Mule Deer Coyotes
YouTube:Reid Earl

Mule Deer Desperately Tries to Fight Off Attacking Coyotes

This doe fights with determination until the end.

Nature is brutal. There is no denying that, but sometimes we need a reminder of just how cruel she can be, especially when it comes to predators and prey. Coyotes are opportunistic predators and they can also be extremely determined. We see that determination on full display in this video from Utah's Antelope Island.

In it, two coyotes are terrorizing what appears to be a mule deer doe. The back-and-forth struggle goes on for nearly three minutes as the coyotes try to find a way to bring a venison dinner down.

This footage is as raw and as rough as it gets when it comes to displaying survival of the fittest.

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This was tough, but also fascinating to watch at the same time. The way the coyotes seem to take turns trying to draw the doe's attention away from the other long enough for the other to get a quick bite in. The deer's head is constantly spinning around trying to drive off attacks from both sides. Had this been a lone coyote attack, we like the doe's odds of fighting the predator off. However, with two coyotes, it was simply a matter of them wearing her down.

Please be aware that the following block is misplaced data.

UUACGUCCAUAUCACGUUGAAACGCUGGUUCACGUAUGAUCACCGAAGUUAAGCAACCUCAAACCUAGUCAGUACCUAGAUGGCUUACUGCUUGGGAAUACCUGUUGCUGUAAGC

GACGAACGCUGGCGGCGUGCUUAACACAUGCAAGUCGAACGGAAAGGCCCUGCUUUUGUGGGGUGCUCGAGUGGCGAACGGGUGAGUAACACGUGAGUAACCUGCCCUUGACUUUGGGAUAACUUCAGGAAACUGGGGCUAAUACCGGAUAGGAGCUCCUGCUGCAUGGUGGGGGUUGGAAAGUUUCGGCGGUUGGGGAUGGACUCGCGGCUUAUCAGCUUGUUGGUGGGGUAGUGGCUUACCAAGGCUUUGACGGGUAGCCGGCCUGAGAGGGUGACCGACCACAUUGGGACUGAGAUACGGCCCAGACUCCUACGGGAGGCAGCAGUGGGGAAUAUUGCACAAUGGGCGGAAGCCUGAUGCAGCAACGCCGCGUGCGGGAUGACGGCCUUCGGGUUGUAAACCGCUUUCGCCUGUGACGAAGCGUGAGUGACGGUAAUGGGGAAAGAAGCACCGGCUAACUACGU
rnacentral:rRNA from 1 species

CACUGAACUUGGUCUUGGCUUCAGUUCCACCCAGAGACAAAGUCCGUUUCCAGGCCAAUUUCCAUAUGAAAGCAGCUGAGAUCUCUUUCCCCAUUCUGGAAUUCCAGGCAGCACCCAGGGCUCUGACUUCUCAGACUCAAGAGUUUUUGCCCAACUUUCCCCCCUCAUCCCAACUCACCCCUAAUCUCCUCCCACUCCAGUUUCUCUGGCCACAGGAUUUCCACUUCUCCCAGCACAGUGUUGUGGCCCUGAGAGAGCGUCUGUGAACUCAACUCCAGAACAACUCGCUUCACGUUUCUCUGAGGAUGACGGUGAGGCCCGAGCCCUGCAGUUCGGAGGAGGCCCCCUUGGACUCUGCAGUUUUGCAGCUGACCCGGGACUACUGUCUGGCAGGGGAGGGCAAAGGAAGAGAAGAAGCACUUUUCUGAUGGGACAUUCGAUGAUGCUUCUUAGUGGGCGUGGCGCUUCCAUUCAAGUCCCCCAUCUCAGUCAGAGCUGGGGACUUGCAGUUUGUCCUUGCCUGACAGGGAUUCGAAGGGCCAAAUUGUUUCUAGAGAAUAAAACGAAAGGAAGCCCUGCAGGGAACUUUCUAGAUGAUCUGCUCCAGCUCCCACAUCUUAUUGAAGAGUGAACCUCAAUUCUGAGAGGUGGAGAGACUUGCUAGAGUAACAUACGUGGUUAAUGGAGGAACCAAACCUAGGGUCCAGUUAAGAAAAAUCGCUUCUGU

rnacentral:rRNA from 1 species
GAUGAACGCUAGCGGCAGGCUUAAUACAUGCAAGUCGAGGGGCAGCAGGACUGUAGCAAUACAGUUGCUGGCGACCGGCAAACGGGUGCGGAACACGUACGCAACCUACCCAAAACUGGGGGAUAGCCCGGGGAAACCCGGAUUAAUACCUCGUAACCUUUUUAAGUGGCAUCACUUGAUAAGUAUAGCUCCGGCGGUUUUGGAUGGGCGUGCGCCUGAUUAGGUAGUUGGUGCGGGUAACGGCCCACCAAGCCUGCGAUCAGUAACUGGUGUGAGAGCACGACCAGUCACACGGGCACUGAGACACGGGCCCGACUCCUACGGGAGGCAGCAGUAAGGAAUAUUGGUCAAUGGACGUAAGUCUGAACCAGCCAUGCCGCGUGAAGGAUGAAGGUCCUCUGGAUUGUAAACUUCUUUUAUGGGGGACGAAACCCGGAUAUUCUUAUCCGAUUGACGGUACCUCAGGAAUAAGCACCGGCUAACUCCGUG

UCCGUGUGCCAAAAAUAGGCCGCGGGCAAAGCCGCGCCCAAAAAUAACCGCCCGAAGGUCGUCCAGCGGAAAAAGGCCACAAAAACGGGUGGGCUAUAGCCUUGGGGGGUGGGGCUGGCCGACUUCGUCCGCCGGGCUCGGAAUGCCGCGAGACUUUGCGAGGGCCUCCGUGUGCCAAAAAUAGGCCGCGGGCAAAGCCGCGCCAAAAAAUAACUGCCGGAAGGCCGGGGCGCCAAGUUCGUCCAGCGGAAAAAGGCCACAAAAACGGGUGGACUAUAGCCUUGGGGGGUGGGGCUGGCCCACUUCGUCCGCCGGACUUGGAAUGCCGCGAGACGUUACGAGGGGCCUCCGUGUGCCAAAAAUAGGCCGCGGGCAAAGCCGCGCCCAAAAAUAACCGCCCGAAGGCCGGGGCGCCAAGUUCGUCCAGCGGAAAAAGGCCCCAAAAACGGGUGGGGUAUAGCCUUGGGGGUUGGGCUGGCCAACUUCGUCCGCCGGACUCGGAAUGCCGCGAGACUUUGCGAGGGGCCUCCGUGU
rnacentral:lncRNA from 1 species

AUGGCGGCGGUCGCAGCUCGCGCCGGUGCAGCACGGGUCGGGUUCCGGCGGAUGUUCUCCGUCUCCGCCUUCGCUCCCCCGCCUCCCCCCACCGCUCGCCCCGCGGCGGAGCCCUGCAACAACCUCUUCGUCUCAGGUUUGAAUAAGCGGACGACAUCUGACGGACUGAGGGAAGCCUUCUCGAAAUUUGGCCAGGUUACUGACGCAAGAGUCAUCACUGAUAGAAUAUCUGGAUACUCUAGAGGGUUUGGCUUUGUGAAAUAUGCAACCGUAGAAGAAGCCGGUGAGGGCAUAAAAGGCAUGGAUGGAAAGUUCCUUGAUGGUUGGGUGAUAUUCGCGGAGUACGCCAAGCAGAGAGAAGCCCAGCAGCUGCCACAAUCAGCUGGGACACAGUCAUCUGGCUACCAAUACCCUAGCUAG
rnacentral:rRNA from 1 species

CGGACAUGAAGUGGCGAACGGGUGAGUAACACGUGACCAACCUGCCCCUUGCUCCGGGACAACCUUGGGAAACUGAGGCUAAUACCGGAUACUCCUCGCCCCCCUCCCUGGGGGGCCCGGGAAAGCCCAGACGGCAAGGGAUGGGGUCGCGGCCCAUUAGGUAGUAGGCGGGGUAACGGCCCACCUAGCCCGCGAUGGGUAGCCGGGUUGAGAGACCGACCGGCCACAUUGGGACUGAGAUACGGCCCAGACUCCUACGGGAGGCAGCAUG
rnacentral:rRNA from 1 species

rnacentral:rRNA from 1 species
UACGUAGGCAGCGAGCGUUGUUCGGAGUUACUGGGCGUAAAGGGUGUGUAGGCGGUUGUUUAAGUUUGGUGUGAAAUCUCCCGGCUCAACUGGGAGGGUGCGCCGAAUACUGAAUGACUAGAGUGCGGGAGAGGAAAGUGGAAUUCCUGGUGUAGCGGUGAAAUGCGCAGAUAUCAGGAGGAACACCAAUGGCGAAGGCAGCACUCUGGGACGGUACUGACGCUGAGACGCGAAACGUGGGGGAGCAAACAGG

We did not see what proceeded this attack, but the doe must have been exhausted already. She quit trying to run and decided to stay and fight as a last-ditch effort. The smaller coyote distracts the doe's attention for just a split second, giving the larger one the opening to snag the deer by the throat. We knew once that happened, it was all over for the deer.

The video's uploader, Reid Earl, noted in the comments that he quit filming just before a third coyote came in to finish the deer off for good. Coyotes are usually solitary predators, but given an opportunity like this, they will work together.

While it may be difficult to watch a scene like this unfold, this is the brutal reality of nature. It is either eat or be eaten. Regardless of your feelings on coyotes and hunting them, these animals did exactly what they have adapted to do, hunt and kill to survive.

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For more outdoor content from Travis Smola, be sure to follow him on Twitter and check out his Geocaching and Outdoors with Travis YouTube channels